Step 8: Fisnishing Up

I then put the motor in the enclosure, enclosure took the wire out of end part and then closen closure with the end cap. I Also Drilled and added the nuts later just be on the safe side befoe the glue dries. Then I fixed the chuck.I took some care to make sure the chuck fits perfectly aligned .After the glue cured it was time to test the Tool

Step 9: Performance Test

Can it Drill?

Yes, it can drill.Tested on plastic wood and PCB

Can it Cut?

Yes, it can Cut Metal bolts, Nails, and Screw.
It can also cut Plastic and Acrylic.

It can also cut wood, but I have to test it with a new Saw blade.

Can it engrave?
yes, it can engrave easily.
Tested on Plastic.

It can also be used to sand, buff and polish .you will be seeing it more in future projects.
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    25 Discussions

    patrick panikulam

    1 year ago

    Hi there, can you tell me more about the power supply you used?, It's voltage and current
    If it's smps or transformer based?


    2 years ago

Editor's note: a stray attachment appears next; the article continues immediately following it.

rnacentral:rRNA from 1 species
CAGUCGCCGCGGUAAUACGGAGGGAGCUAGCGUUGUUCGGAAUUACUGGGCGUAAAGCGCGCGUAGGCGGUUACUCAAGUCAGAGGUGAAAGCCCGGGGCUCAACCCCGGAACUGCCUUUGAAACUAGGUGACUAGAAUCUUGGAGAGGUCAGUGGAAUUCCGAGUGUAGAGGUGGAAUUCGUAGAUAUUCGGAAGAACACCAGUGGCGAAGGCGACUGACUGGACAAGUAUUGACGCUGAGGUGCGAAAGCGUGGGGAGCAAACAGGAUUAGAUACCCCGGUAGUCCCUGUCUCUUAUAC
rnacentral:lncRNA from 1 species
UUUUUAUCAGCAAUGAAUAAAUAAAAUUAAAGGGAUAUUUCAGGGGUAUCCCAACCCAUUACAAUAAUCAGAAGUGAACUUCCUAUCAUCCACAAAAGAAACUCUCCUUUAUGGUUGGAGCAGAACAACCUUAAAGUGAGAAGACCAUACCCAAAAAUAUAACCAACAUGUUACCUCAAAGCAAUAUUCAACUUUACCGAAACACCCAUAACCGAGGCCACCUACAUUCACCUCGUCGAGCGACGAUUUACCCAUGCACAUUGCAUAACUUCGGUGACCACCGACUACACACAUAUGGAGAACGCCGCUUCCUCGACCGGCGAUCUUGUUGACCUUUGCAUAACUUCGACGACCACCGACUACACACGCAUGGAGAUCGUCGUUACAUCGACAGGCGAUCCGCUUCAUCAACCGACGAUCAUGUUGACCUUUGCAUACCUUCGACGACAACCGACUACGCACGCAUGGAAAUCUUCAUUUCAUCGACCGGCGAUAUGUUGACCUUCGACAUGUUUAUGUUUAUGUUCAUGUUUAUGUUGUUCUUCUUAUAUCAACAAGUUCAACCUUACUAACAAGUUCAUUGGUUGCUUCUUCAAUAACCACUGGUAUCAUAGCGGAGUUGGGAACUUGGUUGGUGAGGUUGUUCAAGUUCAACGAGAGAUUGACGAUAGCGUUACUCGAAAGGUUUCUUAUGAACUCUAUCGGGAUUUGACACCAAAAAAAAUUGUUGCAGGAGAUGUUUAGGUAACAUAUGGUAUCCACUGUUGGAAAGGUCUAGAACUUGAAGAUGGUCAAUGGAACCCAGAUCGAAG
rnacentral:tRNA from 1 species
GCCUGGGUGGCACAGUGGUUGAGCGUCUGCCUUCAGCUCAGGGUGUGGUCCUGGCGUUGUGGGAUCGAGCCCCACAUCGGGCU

Confused about the black stuff used to put the chuck on the motor.

    Also how were you able to line it up etc?

    The adding of the chuck is the only thing I did not understand both watching the video and reading the text.

    Voted for you.

    2 replies

    Reply 2 years ago

    Sorry for late reply
    I use some Indigenous stuff but you can buy a mount it comes with chuck most time.


    2 years ago

    This is by far the most sturdy looking hand-made rotary tool I've ever seen. Mostly owing to the fact that you didn't use a toilet roll tube to make the case! I really like the look of the end product, and any tool you make yourself is so satisfying to use.

    1 reply

    2 years ago

    very creative but I can buy a 80 pc rotary tool kit from Harbor freight for $10 so why would I spend more $ and my time to make this? just wondering?